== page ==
I hate to end on such a downer note, so let’s get to this week’s Video Fridays videos. Since I’ve extolled here the virtues of the earliest seasons of M*A*S*H for their closer resemblance to the film they were inspired by, I bring you a great, wacky episode from season one, and for kicks the trailer from the movie.

So, enjoy! Happy Weekend, everyone!

(Disclaimer: For some annoying reason, possibly to avoid draconian copyright enforcement, the episode is sped up, and so it sounds like it was filmed with the entire cast inhaling helium.)

City of Subdued Excitement: Origin Story

Photo: mountainbikefarm.wordpress.com

Photo: mountainbikefarm.wordpress.com

Yesterday, I wrote:

As far as I know, the origins of Bellingham, Washington‘s unofficial nickname — The City of Subdued Excitement — are a mystery.

Some claim it derives from a locally famous mural on the side of an antique shop downtown, painted in 1994, and yet others swear that the nickname significantly predates the mural.

I’d heard this ‘mystery’ discussed many times over the years, including, as I say, disagreement on the facts, with some insisting that they’d heard Bellingham referred to by this nickname years prior to the painting of the mural (pictured here).

However, shortly after I posted that yesterday, since Fish & Bicycles posts are automagically shared on Facebook, Twitter, Google+, and Tumblr, it was seen on Facebook by Bellingham Herald arts and culture reporter Margaret Bikman, who commented:

[the ‘City of Subdued Excitement’ nickname] was coined by Mr. Peanut aka, Stephen Stimson, previous owner of Lone Wolf Antiques, next to Whatcom Museum’s Old City Hall, in 1995. You can research this.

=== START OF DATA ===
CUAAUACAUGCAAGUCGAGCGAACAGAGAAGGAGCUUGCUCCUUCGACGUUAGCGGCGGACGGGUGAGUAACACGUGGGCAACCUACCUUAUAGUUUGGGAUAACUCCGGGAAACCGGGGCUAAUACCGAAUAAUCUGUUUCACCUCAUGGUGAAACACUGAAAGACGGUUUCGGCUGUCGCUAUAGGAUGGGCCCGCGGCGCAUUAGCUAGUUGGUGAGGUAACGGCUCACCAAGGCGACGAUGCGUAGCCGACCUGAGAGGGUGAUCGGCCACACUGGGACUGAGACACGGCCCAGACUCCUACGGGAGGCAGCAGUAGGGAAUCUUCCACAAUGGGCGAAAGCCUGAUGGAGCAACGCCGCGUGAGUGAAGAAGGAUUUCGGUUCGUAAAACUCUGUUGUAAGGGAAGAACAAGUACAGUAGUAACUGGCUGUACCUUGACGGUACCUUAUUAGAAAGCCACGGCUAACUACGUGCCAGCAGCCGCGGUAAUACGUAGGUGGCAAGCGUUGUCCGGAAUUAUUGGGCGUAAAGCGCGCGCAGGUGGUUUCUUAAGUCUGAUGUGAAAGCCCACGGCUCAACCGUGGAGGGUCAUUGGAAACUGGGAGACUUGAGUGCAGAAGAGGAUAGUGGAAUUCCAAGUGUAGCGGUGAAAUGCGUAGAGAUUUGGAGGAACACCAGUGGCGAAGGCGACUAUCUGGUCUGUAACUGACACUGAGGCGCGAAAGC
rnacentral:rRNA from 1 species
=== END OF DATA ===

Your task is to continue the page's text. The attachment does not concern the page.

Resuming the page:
Photo credit: poppiespoppy.blogspot.com/

Photo: ifeltit-poppiespoppy.blogspot.com

Well, I truly am grateful to Margaret for giving me the opportunity to set the record straight!

I had done a brief Google search, but nothing seemed definitive, and I didn’t see specific credit given to Mr. Stimson. If I had searched a little longer, I would have found the painfully obvious URL http://www.bellingham-subdued-excitement.com/history-of-bellingham, where Mr. Stimson is indeed credited.

But, since Margaret has access to the Bellingham Herald archives, she copied and pasted into the Facebook comments the definitive article on the subject, a March 25, 2007 piece by fellow Herald reporter Dean Kahn. (I subsequently tried every form of search I could think of in order to find this article online, but the Herald online archives do not go back that far, Archive.org‘s Wayback Machine was no use, and it doesn’t appear to be available anywhere else.)

And so, without further ado, here are some highlights from Mr. Kahn’s article, titled Mr. Peanut radiates ‘City of Subdued Excitement’:

  • Stephen Stimson – aka Mr. Subdued Excitement – was wearing a black top hat when I met him at Rocket Donuts. That would be eye-catching enough, but there’s more. His black hat topped his Mr. Peanut costume.
  • Back in 1995, he explains, his mother suggested that he paint a “Welcome to Bellingham” sign on the north outside wall of the Lone Wolf building at 109 Prospect St., next to Whatcom Museum. Stimson opened the antiques shop in 1988 in the building that had been family-owned for decades. He decided to think up and paint a slogan for Bellingham…He thought of “s” words that would flow well with the soft “c” of “city.” He thought of “subdued excitement.”